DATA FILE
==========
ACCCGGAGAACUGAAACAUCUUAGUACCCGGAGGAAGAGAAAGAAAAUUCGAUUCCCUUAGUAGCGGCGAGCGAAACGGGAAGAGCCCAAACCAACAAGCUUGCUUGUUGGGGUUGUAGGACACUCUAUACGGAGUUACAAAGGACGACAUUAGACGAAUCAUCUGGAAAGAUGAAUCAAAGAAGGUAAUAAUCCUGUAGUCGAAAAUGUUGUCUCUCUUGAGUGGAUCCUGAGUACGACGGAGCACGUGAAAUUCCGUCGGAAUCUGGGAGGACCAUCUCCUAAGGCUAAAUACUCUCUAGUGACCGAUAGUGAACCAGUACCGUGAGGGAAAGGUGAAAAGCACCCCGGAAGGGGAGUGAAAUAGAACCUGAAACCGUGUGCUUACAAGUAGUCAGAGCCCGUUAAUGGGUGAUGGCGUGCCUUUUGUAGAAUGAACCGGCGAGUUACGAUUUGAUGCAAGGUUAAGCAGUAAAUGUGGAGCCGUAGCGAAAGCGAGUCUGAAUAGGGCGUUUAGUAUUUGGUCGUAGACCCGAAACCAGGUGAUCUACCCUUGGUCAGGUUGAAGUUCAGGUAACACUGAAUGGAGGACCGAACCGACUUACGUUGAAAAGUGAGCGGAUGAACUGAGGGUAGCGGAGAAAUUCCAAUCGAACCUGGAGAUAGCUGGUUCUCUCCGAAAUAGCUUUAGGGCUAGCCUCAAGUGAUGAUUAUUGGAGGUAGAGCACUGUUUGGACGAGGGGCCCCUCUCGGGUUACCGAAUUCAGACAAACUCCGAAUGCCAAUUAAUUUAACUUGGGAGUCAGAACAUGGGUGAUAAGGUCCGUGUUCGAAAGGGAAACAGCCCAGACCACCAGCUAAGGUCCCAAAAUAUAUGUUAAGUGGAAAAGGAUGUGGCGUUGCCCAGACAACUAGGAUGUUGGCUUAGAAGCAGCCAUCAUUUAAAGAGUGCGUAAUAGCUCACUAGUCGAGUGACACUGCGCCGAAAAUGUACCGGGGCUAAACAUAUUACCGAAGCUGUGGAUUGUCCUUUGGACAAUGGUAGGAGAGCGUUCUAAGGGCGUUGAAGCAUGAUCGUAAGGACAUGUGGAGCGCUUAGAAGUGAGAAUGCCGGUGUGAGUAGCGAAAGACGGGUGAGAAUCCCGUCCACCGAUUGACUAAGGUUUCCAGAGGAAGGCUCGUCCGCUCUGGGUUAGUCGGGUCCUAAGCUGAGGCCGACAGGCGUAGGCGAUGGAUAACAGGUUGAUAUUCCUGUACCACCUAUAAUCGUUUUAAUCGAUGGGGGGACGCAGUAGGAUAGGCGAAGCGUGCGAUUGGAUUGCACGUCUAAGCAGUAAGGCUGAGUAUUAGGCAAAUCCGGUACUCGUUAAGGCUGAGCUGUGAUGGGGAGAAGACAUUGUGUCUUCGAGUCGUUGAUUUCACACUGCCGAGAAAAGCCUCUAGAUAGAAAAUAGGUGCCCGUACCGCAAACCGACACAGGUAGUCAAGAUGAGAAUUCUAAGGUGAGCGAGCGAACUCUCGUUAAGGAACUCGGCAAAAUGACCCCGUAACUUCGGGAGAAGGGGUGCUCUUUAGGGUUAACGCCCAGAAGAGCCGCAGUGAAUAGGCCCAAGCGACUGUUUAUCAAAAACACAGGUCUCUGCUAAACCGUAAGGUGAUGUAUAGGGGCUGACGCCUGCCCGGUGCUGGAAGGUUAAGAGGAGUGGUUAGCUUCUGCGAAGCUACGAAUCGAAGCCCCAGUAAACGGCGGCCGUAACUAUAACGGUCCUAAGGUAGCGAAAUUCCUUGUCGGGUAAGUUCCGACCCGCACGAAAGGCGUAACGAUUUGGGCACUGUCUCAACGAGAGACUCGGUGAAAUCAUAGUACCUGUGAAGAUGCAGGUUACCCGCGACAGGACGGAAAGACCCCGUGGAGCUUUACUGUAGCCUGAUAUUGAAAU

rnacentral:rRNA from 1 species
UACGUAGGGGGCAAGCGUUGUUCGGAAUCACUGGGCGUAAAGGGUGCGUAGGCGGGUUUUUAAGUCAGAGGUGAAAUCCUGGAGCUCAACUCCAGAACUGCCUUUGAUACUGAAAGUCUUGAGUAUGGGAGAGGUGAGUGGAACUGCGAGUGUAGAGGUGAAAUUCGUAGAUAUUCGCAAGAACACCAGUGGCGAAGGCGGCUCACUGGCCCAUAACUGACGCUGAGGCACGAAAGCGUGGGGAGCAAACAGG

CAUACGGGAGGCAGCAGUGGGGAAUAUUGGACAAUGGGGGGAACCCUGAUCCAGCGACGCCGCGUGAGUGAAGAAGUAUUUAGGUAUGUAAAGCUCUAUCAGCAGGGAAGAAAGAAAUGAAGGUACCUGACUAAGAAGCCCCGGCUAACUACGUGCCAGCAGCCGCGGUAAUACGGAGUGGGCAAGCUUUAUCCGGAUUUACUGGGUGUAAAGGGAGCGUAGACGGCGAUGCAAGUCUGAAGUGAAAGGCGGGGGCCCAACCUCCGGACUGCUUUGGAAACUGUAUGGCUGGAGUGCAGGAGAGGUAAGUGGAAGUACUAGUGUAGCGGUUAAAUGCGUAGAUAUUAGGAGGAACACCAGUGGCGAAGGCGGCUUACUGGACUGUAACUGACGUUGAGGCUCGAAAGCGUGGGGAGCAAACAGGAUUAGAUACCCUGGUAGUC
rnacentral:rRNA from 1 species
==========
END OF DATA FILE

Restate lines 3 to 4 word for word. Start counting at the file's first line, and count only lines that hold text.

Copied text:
UACGUAGGGGGCAAGCGUUGUUCGGAAUCACUGGGCGUAAAGGGUGCGUAGGCGGGUUUUUAAGUCAGAGGUGAAAUCCUGGAGCUCAACUCCAGAACUGCCUUUGAUACUGAAAGUCUUGAGUAUGGGAGAGGUGAGUGGAACUGCGAGUGUAGAGGUGAAAUUCGUAGAUAUUCGCAAGAACACCAGUGGCGAAGGCGGCUCACUGGCCCAUAACUGACGCUGAGGCACGAAAGCGUGGGGAGCAAACAGG

CAUACGGGAGGCAGCAGUGGGGAAUAUUGGACAAUGGGGGGAACCCUGAUCCAGCGACGCCGCGUGAGUGAAGAAGUAUUUAGGUAUGUAAAGCUCUAUCAGCAGGGAAGAAAGAAAUGAAGGUACCUGACUAAGAAGCCCCGGCUAACUACGUGCCAGCAGCCGCGGUAAUACGGAGUGGGCAAGCUUUAUCCGGAUUUACUGGGUGUAAAGGGAGCGUAGACGGCGAUGCAAGUCUGAAGUGAAAGGCGGGGGCCCAACCUCCGGACUGCUUUGGAAACUGUAUGGCUGGAGUGCAGGAGAGGUAAGUGGAAGUACUAGUGUAGCGGUUAAAUGCGUAGAUAUUAGGAGGAACACCAGUGGCGAAGGCGGCUUACUGGACUGUAACUGACGUUGAGGCUCGAAAGCGUGGGGAGCAAACAGGAUUAGAUACCCUGGUAGUC